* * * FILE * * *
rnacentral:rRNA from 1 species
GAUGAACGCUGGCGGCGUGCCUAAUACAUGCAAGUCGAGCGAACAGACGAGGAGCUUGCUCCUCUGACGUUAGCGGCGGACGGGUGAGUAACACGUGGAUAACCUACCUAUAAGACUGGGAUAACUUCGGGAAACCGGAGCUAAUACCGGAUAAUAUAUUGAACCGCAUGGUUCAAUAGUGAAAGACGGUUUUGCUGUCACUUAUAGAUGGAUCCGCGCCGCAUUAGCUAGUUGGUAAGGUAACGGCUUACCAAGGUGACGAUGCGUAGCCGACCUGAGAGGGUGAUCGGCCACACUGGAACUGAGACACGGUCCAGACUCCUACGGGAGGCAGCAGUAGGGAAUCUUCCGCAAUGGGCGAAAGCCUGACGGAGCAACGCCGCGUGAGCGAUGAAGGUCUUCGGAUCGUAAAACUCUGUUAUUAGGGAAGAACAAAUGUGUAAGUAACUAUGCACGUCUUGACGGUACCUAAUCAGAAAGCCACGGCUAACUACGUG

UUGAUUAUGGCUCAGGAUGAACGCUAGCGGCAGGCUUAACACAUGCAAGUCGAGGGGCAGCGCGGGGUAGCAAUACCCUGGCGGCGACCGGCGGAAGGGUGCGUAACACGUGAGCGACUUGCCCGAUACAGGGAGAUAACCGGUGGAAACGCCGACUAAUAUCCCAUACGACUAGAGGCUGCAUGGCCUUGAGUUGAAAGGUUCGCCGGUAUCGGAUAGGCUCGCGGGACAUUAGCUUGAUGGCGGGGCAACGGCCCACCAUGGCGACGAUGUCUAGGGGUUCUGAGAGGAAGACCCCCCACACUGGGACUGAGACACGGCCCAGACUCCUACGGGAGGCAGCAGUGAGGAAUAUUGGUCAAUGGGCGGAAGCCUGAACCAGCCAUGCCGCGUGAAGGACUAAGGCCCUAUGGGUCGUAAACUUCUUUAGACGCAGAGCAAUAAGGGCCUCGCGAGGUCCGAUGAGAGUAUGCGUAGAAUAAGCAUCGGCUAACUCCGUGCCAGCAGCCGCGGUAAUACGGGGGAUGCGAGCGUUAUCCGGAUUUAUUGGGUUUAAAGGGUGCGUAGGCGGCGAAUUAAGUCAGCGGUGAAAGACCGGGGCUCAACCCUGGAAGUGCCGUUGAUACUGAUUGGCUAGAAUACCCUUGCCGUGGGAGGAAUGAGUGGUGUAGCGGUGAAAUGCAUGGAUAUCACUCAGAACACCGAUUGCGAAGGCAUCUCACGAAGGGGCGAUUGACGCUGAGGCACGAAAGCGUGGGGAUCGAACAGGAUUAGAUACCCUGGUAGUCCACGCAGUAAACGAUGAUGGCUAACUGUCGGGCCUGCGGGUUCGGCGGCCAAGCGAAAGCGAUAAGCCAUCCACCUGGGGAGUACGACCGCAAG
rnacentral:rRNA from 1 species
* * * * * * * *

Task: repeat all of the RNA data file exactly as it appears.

rnacentral:rRNA from 1 species
GAUGAACGCUGGCGGCGUGCCUAAUACAUGCAAGUCGAGCGAACAGACGAGGAGCUUGCUCCUCUGACGUUAGCGGCGGACGGGUGAGUAACACGUGGAUAACCUACCUAUAAGACUGGGAUAACUUCGGGAAACCGGAGCUAAUACCGGAUAAUAUAUUGAACCGCAUGGUUCAAUAGUGAAAGACGGUUUUGCUGUCACUUAUAGAUGGAUCCGCGCCGCAUUAGCUAGUUGGUAAGGUAACGGCUUACCAAGGUGACGAUGCGUAGCCGACCUGAGAGGGUGAUCGGCCACACUGGAACUGAGACACGGUCCAGACUCCUACGGGAGGCAGCAGUAGGGAAUCUUCCGCAAUGGGCGAAAGCCUGACGGAGCAACGCCGCGUGAGCGAUGAAGGUCUUCGGAUCGUAAAACUCUGUUAUUAGGGAAGAACAAAUGUGUAAGUAACUAUGCACGUCUUGACGGUACCUAAUCAGAAAGCCACGGCUAACUACGUG

UUGAUUAUGGCUCAGGAUGAACGCUAGCGGCAGGCUUAACACAUGCAAGUCGAGGGGCAGCGCGGGGUAGCAAUACCCUGGCGGCGACCGGCGGAAGGGUGCGUAACACGUGAGCGACUUGCCCGAUACAGGGAGAUAACCGGUGGAAACGCCGACUAAUAUCCCAUACGACUAGAGGCUGCAUGGCCUUGAGUUGAAAGGUUCGCCGGUAUCGGAUAGGCUCGCGGGACAUUAGCUUGAUGGCGGGGCAACGGCCCACCAUGGCGACGAUGUCUAGGGGUUCUGAGAGGAAGACCCCCCACACUGGGACUGAGACACGGCCCAGACUCCUACGGGAGGCAGCAGUGAGGAAUAUUGGUCAAUGGGCGGAAGCCUGAACCAGCCAUGCCGCGUGAAGGACUAAGGCCCUAUGGGUCGUAAACUUCUUUAGACGCAGAGCAAUAAGGGCCUCGCGAGGUCCGAUGAGAGUAUGCGUAGAAUAAGCAUCGGCUAACUCCGUGCCAGCAGCCGCGGUAAUACGGGGGAUGCGAGCGUUAUCCGGAUUUAUUGGGUUUAAAGGGUGCGUAGGCGGCGAAUUAAGUCAGCGGUGAAAGACCGGGGCUCAACCCUGGAAGUGCCGUUGAUACUGAUUGGCUAGAAUACCCUUGCCGUGGGAGGAAUGAGUGGUGUAGCGGUGAAAUGCAUGGAUAUCACUCAGAACACCGAUUGCGAAGGCAUCUCACGAAGGGGCGAUUGACGCUGAGGCACGAAAGCGUGGGGAUCGAACAGGAUUAGAUACCCUGGUAGUCCACGCAGUAAACGAUGAUGGCUAACUGUCGGGCCUGCGGGUUCGGCGGCCAAGCGAAAGCGAUAAGCCAUCCACCUGGGGAGUACGACCGCAAG
rnacentral:rRNA from 1 species